Exercise Addiction - Addiction to Exercise - Overcoming Exercise Addiction
Are you addicted to Exercise?
Let's find out what is exercise addiction, its symptoms and how you can cure yourself or your loved one from exercise addiction.
In this article You will discover
Are you addicted to Exercise?
With such an increased focus on obesity, everybody has surely heard that exercise is a healthy addition to modern lifestyles.
We should all be moving our bodies and adding exercise to our daily routine. However, just like many aspects of life, it is possible to have too much of a good thing.
If you can't imagine how that could be true, consider how any addiction can impact normal living: things like family, work and friends take a backseat to whatever the addict is controlled by.
Surprisingly, for some people, that factor can actually be exercise.
What is Exercise Addiction?
Because exercise is an otherwise healthy behavior, it can be hard to recognize exercise addiction as a problem and discuss it with a loved one.
Experts aren't exactly sure what the root of exercise addiction is, but it does seem to be related to other body image disorders like bulimia and anorexia.
However, instead of, or in addition to, controlling food intake, exercise addicts attempt to control their body image through harmful amounts of physical activity. Some addicts also seem to experience an obsessive/compulsive component to their issue.
The hormone that is released with physical activity, known as the exercise high, can also motivate the disorder to accelerate.
Symptoms of Exercise Addiction
If you have a friend or family member who exercises for hours every day and is extremely fit, does that mean that they are exercise addicts?
Not necessarily. There are some distinct symptoms that are associated with this issue.
In order to determine whether you, or someone you love, has a problem, you need to become familiar with the behaviors that accompany an exercise addict.
To begin with, you can examine the exercise schedule:
1. Exercising for more than a few hours every day can be an indication of exercise addiction.
2. Adhering to a strict workout schedule can also be a clue to the problem.
These two symptoms are a place to start. However, many serious athletes could easily do the above two things and still maintain a healthy and balanced life. If these are the only two factors present, exercise addiction probably isn't an issue. Instead continue to examine the following symptoms:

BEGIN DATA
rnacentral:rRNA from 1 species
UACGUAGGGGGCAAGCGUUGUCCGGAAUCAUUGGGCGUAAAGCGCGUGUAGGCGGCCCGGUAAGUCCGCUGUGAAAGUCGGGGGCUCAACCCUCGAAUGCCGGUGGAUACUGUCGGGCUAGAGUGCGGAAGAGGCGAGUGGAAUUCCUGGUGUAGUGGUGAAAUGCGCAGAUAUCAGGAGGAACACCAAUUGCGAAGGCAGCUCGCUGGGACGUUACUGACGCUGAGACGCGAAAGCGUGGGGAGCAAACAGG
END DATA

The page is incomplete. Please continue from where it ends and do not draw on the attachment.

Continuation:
3. Exercise addicts hide their routine from family, friends, gym members and trainers.
4. Compulsive addicts exercise beyond the point of safety, often causing or working through an injury.
5. Unlike healthy athletes, addicts usually work out when they are sick.
6. Addicts are extremely focused on their calorie intake and weight loss.
7. Exercising starts to interfere with normal life in a noticeable way.
8. Not being able to exercise leads to depression.
9. Addicts may exercise at unusual times, such as the middle of the night.
If you can put your finger on a good portion of these symptoms, you may have a problem, or you may know someone else who does. Unlike normal and healthy physical activity, exercise addiction is not good for your body and you need to seek help for yourself or your loved one.
Treatment for a Healthy Life
Exercise addiction is usually treated in facilities that deal with other types of body image and eating disorders.
Eliminate Training Completely
As a first step, the addict will be required to eliminate all heavy exercise for a period of about thirty days.
Depending on the program or doctor, low intensity activity like walking or yoga may be substituted during the recovery period. In addition, talk therapy will probably be used to address the underlying control issues that lead the addict to turn to exercise to feel like they have their lives in hand.
Discuss Your Feelings
Discussing feelings with other patients who really understand their concerns can really assist the recovery process.
In addition, skilled therapists should be on hand to redirect unhealthy thought processes and help the patient to learn new and healthier coping mechanisms.
Hobbies can help
Things like hobbies and hands-on activities are often used as a physical outlet and a way to build self esteem, a commodity that many addicts lack.
Keep in mind that removing the option to exercise can cause extreme depression, so professional oversight is usually necessary. As recovery becomes more likely, a healthy exercise regime can be introduced with professional assistance.
Most people wouldn't suspect that someone who exercises a lot could be suffering from an addiction. However, if the above list of symptoms is present, it could be possible.
Unlike athletes, who maintain exercise routines for a specific physical goal, adjusting and resting as necessary, an addict is compelled to exercise, regardless of the circumstances.
Being unable to exercise can lead to anger and irritability. Exercise addiction is closely related to eating and body image disorders and should be treated in a similar way.
The good news is that addicts can recover and lead a normal life. If you, or someone you love, is a compulsive exerciser, seek the help that you need.
Click Here to read how you can get rid of addiction from exercise and live a fit and free from addiction life!
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